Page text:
a. D The pass is descending from north to south.
b. A The paw is ascending from south to north.
c. M The pass is mixed; ascending and descending.

An E added to the end of a pass indicates an engineering operation

4. Panoramic Geometry Traces -- lines on either side of the format which aid in determining the locus of principal points of the lens.

5. A nod angle calibration system which, by means of a xenon flash triggered by an optical encoder mounted on the nod axis, images a series of small dots along the edge of the format.

6. Pan Geometry Fiducial Marks -- An image of the 73 holes through the film guide rails. Each hole is approximately 40 microns in diameter spaced at 1 centimeter intervals with a double hole at the center of format.

7. Time Track -- An image of a 200 cycle per second light pulse which records the camera lens scan rate.

8. Slur Time Pulse -- A stretched pulse which occurs immediately after the dock is interrogated in order to show the relation between the time marks and the clock time. This should permit the determination of the time at which a point on the format was exposed with accuracy of 2.5 milliseconds (3 sigma).

9. Start of Operation Indicator -- A cross imaged near the camera serial number on the last frame of the previous camera operation.

Table 2. Panoramic Camera Calibration

Main LensEquivalent Focal Length25 Microns
Main LensRadial Distortion1 Micron
Main LensConvergence60 ARC Seconds
Horizon OpticsEquivalent Focal Length25 Microns
Horizon OpticsPrincipal Point to Fiducial Intersection10 Microns
All LensAlignment Horizon to Pan and Pan to Pan60 ARC Seconds
Not dot encoderNod Angle positionOne dot every 19.78 arc sec of nod shat rotation


Figure 4 shows the angles covered by the several cameras. Figure 5 shows the typical terrain coverage expected and lists the coverage for vanous altitudes. Figure 6 is a conversion chart to determine photographic scale at different distances from the format center over the altitude range from 80 to 120 nautical miles.

Camera Calibration

The panoramic camera lenses and horizon cameras are individually calibrated prior to being mounted on the panoramic camera. This individual calibration consists of determining the principal point of autocollimation and the equivalent focal length, and checking the lens distortion characteristics. Subsequent to this, each camera system is calibrated to determine the position of the horizontal cameras in relation to their respective panoramic camera lens. The accuracy of these calibrations is shown in Table 2.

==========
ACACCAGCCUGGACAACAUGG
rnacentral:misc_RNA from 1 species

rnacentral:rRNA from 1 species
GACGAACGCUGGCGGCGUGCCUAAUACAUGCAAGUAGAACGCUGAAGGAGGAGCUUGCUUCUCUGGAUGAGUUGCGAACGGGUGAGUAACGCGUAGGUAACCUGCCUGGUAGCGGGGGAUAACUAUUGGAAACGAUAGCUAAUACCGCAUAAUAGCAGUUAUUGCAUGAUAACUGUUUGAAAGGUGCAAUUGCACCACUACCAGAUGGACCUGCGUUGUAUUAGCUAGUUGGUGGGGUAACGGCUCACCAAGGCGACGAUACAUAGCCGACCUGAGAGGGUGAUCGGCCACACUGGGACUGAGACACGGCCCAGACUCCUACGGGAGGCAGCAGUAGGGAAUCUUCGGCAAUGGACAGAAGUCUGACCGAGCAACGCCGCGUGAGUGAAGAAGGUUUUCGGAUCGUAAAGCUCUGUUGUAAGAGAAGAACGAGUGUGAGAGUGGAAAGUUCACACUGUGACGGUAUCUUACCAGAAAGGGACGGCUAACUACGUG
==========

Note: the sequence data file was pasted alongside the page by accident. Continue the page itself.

Two horizon cameras are associated with each panoramic camera. The imagery from the horizon cameras is used to determine the attitude (pitch and roll) of the main panoramic cameras. The paired horizon cameras will operate simultaneously on altemate panoramic frames. The horizon camera formats are exposed adjacent to the main panoramic frames (Figure 2).

Horizon Camera Data

Table 3. Horizon Camera Data

Focal Length55mm
Depression Angle15 deg
FilterWratten 25 plus Commandable Attenuator
Exposure1/100 sec.
Film TypeSame as in main panoramic cameras
Angular Field of ViewApproximately 51 deg 44 min by 23 deg 28 min
Usable Format2.1X 0.9 in
Aperturef/6.8 or f/8.0 -- varies according to which cameras are primarily pointing toward or away from the sun

Panoramic Camera System Coverage

Altitude (n.m.)80859095100105110115120
Frame forward cover (n.m.)
Frame width cover (n.m.)117.0124.0131.0139.0146.0154.0161.0168.0176.0
Area pr. fr. (sq. n.m.x 10'28.910.011.312.513.915.316.818.420.0
Mission stero cover sq. n.m. x 10'

Terrain Camera Coverage

A listing of the coverage and overlap of the terrain camra is shown below for selected altitudes between 80 n.m. and 120 n.m.

Altitude (n.m.)8090100110120
Side dimension of ground patttern (n.m.)120.6135.6150.7165.8180.8
Area coverage pr. fr. - sp. n.m. X 10'4(n.m.)1.451.842.272.753.27
Overlap - % 9.375 sec/cycle68.071.674.476.778.7
Mission stero cover sq. n.m. x 10'657.462.165.969.071.6